Thursday, 9 December 2010

Low-Level 'Adventures'

Reading this post on Discourse and Dragons, about relatively straightforward adventures that build up to a climactic battle against an archetypal monster, I was struck by how inappropriatethis adventure structure is for low-level characters. And I wondered how other DMs handle low-level adventures. What I mean is, D&D promises players that their characters will be heroes, but the first couple of levels – which if we go by a 3 game session per level rule of thumb, could be quite a long time – are spent worrying that a couple of goblin arrows will kill Hurkar the Strong, never mind imagining that Hurkar the Strong will hack his way through the goblin horde before doing heroic battle with the evil wizard, the bandit king, the Ogre chief… whatever. The low-level adventures that I run are either very short, practically single encounters with a few trailing threads to be explored, or exercises in rest and resupply. Neither of these capture the structure of heroic fiction.
The heroes stagger back to town, again.

Do people start their D&D characters at higher levels? Do they make judicious use of the DM screen to slide the characters though peripheral encounters to ensure that the session generates the sense of adventure and exploration? Or do they run combat-light adventures – the sort found in WFRP, which seems contrary to the spirit of D&D – that reward player characters for ‘sustainable’ adventuring?

Monday, 6 December 2010

Flora, Fauna, and Fora

Okay, I'll return with a fairly light posting. It's been a busy time painting hills for my dwarfs shoot their cannons from, and then the dwarfs and cannons to put on those hills. And I paint slowly. Very slowly. So very slowly.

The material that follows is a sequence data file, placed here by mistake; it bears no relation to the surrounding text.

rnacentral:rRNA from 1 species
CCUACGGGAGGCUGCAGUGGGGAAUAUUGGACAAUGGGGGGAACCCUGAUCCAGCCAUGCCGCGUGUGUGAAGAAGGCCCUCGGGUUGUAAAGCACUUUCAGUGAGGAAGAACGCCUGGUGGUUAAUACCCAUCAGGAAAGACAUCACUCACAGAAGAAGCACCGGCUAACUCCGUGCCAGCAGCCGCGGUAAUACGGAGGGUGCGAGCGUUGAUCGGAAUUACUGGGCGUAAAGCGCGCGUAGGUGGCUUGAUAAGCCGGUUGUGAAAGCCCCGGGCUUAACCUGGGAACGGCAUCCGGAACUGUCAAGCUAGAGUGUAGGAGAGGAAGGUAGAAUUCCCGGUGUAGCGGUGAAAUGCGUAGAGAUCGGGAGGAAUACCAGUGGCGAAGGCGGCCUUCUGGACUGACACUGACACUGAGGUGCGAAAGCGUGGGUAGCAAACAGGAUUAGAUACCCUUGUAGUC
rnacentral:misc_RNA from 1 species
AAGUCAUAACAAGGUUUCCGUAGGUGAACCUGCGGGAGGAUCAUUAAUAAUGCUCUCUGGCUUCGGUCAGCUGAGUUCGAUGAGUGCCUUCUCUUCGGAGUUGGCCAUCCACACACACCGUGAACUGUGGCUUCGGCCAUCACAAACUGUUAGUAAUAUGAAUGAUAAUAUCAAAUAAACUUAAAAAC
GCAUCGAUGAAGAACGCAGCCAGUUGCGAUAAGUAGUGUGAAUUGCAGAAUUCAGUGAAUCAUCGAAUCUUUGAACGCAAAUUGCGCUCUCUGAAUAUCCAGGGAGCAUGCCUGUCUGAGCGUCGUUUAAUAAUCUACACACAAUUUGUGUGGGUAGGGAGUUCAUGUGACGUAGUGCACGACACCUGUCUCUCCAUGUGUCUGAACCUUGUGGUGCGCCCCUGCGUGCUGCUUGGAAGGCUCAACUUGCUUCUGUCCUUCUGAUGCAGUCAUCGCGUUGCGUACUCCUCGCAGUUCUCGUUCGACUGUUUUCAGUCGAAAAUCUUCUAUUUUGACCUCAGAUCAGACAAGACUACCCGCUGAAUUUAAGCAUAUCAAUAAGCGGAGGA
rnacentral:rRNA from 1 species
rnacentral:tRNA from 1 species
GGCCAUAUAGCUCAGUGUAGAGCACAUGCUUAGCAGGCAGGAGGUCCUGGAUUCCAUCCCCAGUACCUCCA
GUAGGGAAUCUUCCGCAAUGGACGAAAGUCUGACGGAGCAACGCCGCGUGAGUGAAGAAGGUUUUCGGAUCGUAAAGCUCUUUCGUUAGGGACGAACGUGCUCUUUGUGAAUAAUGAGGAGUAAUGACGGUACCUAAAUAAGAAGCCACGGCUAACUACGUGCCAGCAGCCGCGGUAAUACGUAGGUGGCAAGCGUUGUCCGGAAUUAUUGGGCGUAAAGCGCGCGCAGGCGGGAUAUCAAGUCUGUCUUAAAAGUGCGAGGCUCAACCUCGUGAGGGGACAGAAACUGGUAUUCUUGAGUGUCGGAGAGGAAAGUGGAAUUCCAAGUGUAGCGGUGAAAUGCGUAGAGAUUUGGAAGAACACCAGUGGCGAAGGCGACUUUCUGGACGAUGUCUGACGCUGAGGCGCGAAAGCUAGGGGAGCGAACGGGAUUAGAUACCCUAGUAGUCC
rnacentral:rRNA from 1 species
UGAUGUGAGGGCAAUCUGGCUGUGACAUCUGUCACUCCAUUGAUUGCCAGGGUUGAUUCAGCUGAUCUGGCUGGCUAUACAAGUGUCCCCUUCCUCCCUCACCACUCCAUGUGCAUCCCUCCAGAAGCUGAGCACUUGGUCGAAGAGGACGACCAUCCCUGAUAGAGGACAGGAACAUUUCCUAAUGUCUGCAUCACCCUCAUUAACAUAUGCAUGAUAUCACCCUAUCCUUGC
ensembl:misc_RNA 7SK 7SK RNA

First, here is Head Injury Theatre's guide to the stupid monsters of D&D. D&D has lots of 'stupid' in it, but then D&D does consist of hundreds of books spread over 30 years. Some of these monsters are actually 'bad', in the way that lots of very early D&D was 'bad'. I don't want to have my players explore by routinely tapping the ground in front of them with a 12" pole because deadly traps are that commonplace. There's no heroism, adventure, or cleverness in that. It might remind us of the old days, and despite my fondness of old school RPG rule systems and game settings, the idea of dungeoneering being a series of escalating death-puzzles is about as exciting to me as D&D being World of Warcraft, now with added paper! I want my players to role-play their characters, be heroes (or villians, or snivelling sneaks) and have fun doing so. Which is why this is a bad monster.

It's not that it's stupid, it's that it's bad. Just how are a party of adventurers meant to cope with that. How will the players not feel that they've been 'cheated' when the ceiling drops down on them and kills them. Put The Lurker Above, and its kin, in your game, and you've got henchmen taking point once the players re-roll their characters. Heroes all.

Anyhow, I've been living my online gaming life around the Dragonsfoot (for all my classic D&D needs) and Bugman's Brewery (for my WFB Dwarfs) fora recently, and do recommend that if you interested in these game systems you check out those sites.